Main     Puzzle 8J01 by Richard Pavlicek    

A Finessing Curiosity

A simple finesse, whether it wins or loses, will often decide the fate of a contract — and sometimes the winner of a tournament. The element of luck involved tends to balance out over the long run, though bridge players have a tendency to dwell on their unlucky deals. “My finesses never work!” is a common lament when yet another contract falls by the wayside.

Suppose a contract depends on a straight finesse for a king and nothing else. Clearly this a 50-percent chance a priori. Half the time the king will be on your left; half the time on your right; so you will make the contract half the time — exactly.

Now suppose a contract depends on two finesses (again assume straight finesses for a king). The logical odds now become 25 percent (50% × 50%) that both will work, 25 percent that both will fail, and 50 percent that one works and the other fails. Well, approximately. The placement of two kings is not independent like the outcome of two coin flips. Instead, the location of one king affects the odds on the location of the other.

To illustrate, consider your prospects as South to make this slam:

6 NT S A 4 3 2
H A 4 3 2
D K 2
C Q J 10



 
Table


 
S Q J 10 9
H Q J 10 9
D A Q
C A K 2

Obviously the S K and H K are your two nemeses. If West has both you will make an overtrick. If East has both you will fail — perhaps miserably with a diamond lead. If the kings are split you will make 6 NT exactly. Below is a table of the a priori chances:

CaseWestEastPercent
1S K H K24
2S KH K26
3H KS K26
4S K H K24

The percentages are easily calculated by combinatorics. The chance of West being dealt both kings is 13/26 × 12/25 = 24 percent. Likewise for East. The chance of West being dealt one specific king and East the other is 13/26 × 13/25 = 26 percent. Available space accounts for the 2-percent difference; once a king is placed in one hand, the other hand has more room to receive the second king. In other words, the chances are dependent.

From the table it is easily seen that your chance of success in 6 NT is the sum of Cases 1-3 = 76 percent. Or more simply, you will fail only in Case 4 (24 percent).

Now suppose we swap the North-South heart holdings:

6 NT S A 4 3 2
H Q J 10 9
D K 2
C Q J 10



 
Table


 
S Q J 10 9
H A 4 3 2
D A Q
C A K 2

The previous percentages remain the same, but the failing case becomes different. The chance of success now drops to 74 percent, because you fail in Case 3 (26 percent). As any expert would be aware, the underlying principle can be summarized: Two finesses through the same hand offer better odds than through different hands. Or in the common case of needing at least one of two finesses, the chance is never 75 percent; but either 76 or 74 percent, respectively.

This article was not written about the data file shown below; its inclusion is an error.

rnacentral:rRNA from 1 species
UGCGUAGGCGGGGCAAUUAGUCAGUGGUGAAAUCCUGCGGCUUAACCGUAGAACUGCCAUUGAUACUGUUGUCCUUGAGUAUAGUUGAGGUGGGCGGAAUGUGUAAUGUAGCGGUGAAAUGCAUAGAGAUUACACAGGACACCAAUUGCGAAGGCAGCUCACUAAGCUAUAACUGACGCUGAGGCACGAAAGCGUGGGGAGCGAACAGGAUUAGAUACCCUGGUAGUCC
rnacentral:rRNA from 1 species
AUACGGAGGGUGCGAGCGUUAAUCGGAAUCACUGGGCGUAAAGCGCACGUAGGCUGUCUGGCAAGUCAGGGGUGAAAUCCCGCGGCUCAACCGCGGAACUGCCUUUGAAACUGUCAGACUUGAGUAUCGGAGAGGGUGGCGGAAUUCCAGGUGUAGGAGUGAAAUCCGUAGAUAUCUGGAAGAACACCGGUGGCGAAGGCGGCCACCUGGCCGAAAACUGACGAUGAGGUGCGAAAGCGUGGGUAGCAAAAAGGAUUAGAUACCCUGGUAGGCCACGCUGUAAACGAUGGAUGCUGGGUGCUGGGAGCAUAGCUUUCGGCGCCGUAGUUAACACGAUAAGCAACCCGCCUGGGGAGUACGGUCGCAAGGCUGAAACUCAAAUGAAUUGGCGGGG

The plot thickens

That was too easy. Suppose we revise the original deal to include a club finesse as well, thus involving three finesses:

6 NT S A 4 3 2
H A 4 3 2
D K 2
C Q J 10



 
Table


 
S Q J 10 9
H Q J 10 9
D A Q
C A 3 2

To succeed you need at least two of the three finesses to work, which is logically 50 percent. The best way to understand this is to consider the outcome of three finesses as two distinct groups: More of them win, or more of them lose. Either group should be equally likely, at least without considering dependency. So how does dependency affect the issue now?

For the above deal, see if you can solve this three-part puzzle:

A. What is the exact chance of success?
B. What if the N-S hearts are swapped?
C. What if the N-S clubs (only) are swapped?

TopMain

Solution

Curiously, the chance of at least two of three finesses working is unaffected by the direction each is taken. Dependency effectively washes out, even when all three finesses are through the same hand. The chance of success in Part A, B or C is exactly 50 percent. Sorry if you wasted energy looking for some hidden particle, but it’s just not there — like the Higgs boson nobody can find.

The easiest way to verify this is with a table (see below). Note that all three kings in one hand calculates to 13/26 × 12/25 × 11/24 = 11 percent; and each balanced split calculates to 13/26 × 12/25 × 13/24 (or 13/26 × 13/25 × 12/24) = 13 percent. Part A succeeds in Cases 1,2,5,6; Part B in Cases 2,3,5,8; and Part C in Cases 1,2,3,4. The four successful cases in each part comprise one 11-percent and three 13-percent chances, totaling 50 percent.

CaseWestEastPercent
1S K H K C K11
2S K H KC K13
3S K C KH K13
4H K C KS K13
5S KH K C K13
6H KS K C K13
7C KS K H K13
8S K H K C K11

Charles Blair (Urbana, Illinois) offered an even simpler solution: No matter how you place the three kings, swapping the East-West hands will change success to failure, or vice versa. Hence this one-to-one relationship for all distributions dictates a 50-percent chance — exactly.

TopMain

© 2013 Richard Pavlicek